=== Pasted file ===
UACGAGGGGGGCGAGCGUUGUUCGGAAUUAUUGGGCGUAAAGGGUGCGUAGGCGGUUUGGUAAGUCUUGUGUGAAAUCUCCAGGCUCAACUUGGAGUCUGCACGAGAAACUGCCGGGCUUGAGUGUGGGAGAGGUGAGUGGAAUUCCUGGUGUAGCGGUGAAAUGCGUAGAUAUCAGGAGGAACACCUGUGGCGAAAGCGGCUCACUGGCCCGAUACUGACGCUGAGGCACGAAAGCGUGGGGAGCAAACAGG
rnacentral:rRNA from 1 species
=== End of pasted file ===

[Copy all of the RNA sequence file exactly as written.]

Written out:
UACGAGGGGGGCGAGCGUUGUUCGGAAUUAUUGGGCGUAAAGGGUGCGUAGGCGGUUUGGUAAGUCUUGUGUGAAAUCUCCAGGCUCAACUUGGAGUCUGCACGAGAAACUGCCGGGCUUGAGUGUGGGAGAGGUGAGUGGAAUUCCUGGUGUAGCGGUGAAAUGCGUAGAUAUCAGGAGGAACACCUGUGGCGAAAGCGGCUCACUGGCCCGAUACUGACGCUGAGGCACGAAAGCGUGGGGAGCAAACAGG
rnacentral:rRNA from 1 species